Other than the huge sense of accomplishment and pride that I got from my first summer; another thing that I love about Southwestern is the incredible people that I have met along the way. Regardless of the money I made last summer, the hard work I put in was well worth the friends I came out of the summer with. The other hundreds of hardworking college students that I have been surrounded with have become some of my best friends. Why wouldn’t someone want to be surrounded by people with positive attitudes, great work ethics, go getter type personalities, and people who never see a challenge as impossible? Not only did I make life-long friends through the company, I actually still stay in touch with different people I sold to during the summer and now they too have become very good friends of mine. The friends I’ve made through Southwestern are the people I want to be surrounded with for the rest of my life. There are a lot of really great people in this world, you just need to go out exploring…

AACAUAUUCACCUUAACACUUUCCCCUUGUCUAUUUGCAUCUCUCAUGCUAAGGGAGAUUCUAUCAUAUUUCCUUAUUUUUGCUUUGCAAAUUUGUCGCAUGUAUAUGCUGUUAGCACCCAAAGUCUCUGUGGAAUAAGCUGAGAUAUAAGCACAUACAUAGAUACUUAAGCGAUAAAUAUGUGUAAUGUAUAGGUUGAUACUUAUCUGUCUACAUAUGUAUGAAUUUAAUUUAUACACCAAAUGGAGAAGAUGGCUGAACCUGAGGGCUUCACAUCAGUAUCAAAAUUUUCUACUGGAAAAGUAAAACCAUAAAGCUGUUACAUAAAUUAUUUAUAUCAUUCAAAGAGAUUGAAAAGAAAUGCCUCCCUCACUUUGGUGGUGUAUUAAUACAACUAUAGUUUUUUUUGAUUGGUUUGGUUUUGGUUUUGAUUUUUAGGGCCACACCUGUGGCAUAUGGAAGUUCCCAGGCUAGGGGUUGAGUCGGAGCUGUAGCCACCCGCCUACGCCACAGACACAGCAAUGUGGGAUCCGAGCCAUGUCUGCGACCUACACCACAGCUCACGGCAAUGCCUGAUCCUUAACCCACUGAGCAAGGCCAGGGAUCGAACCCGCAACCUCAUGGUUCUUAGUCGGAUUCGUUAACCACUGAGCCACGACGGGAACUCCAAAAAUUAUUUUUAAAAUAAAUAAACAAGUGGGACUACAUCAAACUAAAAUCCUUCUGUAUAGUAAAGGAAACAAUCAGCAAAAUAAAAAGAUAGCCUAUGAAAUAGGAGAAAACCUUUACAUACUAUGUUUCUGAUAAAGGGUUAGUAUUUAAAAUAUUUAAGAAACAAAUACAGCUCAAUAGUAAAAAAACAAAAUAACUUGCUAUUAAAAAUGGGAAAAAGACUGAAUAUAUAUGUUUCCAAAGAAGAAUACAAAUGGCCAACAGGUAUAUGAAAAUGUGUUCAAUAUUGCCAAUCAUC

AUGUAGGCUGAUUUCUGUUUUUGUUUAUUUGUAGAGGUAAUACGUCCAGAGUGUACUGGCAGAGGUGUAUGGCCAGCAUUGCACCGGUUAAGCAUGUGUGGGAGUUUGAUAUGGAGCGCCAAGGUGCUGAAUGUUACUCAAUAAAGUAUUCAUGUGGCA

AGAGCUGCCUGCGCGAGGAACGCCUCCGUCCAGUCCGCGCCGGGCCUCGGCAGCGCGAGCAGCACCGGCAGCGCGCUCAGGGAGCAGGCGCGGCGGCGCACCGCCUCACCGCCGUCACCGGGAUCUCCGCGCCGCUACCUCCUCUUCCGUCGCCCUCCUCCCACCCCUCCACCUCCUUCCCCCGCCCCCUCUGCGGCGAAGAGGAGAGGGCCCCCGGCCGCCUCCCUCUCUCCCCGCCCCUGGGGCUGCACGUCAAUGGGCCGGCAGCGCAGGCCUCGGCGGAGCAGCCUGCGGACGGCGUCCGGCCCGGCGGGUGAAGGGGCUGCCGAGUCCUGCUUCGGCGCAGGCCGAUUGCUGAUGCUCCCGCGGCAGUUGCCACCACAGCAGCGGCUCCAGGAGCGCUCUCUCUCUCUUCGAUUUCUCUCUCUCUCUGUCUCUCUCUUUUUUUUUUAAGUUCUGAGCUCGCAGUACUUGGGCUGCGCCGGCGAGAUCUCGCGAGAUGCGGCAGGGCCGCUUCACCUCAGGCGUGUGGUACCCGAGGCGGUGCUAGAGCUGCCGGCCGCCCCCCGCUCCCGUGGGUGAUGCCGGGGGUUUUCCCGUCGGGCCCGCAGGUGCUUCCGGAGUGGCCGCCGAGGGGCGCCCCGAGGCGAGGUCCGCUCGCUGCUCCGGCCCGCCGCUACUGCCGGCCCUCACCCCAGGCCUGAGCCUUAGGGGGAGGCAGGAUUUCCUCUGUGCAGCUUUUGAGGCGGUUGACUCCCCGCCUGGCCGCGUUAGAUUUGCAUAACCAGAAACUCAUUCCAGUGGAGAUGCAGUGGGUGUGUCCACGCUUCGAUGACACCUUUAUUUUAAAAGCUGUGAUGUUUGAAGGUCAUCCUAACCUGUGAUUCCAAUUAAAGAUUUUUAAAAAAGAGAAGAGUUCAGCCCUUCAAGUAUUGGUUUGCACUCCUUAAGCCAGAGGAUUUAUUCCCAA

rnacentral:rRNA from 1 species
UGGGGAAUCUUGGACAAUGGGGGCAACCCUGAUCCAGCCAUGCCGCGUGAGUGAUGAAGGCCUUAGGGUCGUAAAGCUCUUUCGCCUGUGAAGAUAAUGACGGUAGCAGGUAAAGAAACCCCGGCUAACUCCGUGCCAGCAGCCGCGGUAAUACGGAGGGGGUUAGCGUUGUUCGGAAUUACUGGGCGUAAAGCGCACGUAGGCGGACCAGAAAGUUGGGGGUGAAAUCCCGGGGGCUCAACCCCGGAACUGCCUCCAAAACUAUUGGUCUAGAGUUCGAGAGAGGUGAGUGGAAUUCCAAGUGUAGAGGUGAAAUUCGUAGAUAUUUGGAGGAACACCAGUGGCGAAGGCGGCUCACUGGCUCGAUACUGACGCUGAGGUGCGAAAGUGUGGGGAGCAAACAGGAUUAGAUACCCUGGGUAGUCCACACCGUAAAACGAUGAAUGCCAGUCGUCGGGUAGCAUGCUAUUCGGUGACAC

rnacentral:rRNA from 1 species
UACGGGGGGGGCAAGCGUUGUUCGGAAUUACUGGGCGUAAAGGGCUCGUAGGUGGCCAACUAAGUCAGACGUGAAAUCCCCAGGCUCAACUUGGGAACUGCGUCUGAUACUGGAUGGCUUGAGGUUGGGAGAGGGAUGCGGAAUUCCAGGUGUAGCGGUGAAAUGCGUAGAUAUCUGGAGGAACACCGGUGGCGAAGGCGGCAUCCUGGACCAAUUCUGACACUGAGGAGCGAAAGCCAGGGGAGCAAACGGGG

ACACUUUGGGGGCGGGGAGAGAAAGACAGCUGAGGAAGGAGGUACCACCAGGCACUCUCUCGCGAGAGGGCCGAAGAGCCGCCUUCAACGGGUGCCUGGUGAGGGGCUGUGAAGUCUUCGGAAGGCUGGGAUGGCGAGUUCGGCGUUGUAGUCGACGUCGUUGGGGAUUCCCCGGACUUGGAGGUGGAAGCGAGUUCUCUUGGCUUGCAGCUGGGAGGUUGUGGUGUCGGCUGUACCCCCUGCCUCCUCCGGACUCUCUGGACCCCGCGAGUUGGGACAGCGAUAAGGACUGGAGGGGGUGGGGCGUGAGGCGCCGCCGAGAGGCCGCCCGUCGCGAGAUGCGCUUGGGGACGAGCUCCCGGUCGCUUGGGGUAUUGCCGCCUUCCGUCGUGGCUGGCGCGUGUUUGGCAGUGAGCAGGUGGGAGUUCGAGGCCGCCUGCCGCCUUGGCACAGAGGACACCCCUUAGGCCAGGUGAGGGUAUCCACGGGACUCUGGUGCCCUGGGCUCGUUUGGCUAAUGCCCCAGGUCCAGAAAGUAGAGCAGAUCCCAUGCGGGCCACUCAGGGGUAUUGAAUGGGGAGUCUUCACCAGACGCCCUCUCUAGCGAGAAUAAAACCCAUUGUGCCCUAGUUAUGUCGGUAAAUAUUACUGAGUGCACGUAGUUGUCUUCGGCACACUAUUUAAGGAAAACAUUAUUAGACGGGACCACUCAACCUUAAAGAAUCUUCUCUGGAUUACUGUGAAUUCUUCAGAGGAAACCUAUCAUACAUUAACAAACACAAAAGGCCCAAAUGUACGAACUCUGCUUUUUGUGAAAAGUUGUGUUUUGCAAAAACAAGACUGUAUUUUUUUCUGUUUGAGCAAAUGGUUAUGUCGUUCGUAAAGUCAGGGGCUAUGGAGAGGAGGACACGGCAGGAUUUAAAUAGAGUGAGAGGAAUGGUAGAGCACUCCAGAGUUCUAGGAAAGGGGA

Southwestern isn’t simply about marketing a great educational product, it’s about becoming the person you want to be in the future. At this point and forever, I am NOT a quitter. Ever since the eye opening conversation with my dad to completing my first Southwestern Advantage summer, I’ve come to realize that anything great is worth working for. You reap what you sow. I truly believe that what you put into your southwestern summer is exactly what you will get out of it. Some people are okay with just being ordinary. I believe in working hard to produce an expected end result. Yes, I did sweat, yes, there were days that I wanted to quit, yes, my mind did try to tell me to stop, but no, I never quit and that is what separates those who experience a Southwestern summer from the average person.
Update: Mary Lee received a $45,000 scholarship to Samford Law School, largely due to a personal statement she wrote on her Southwestern experience.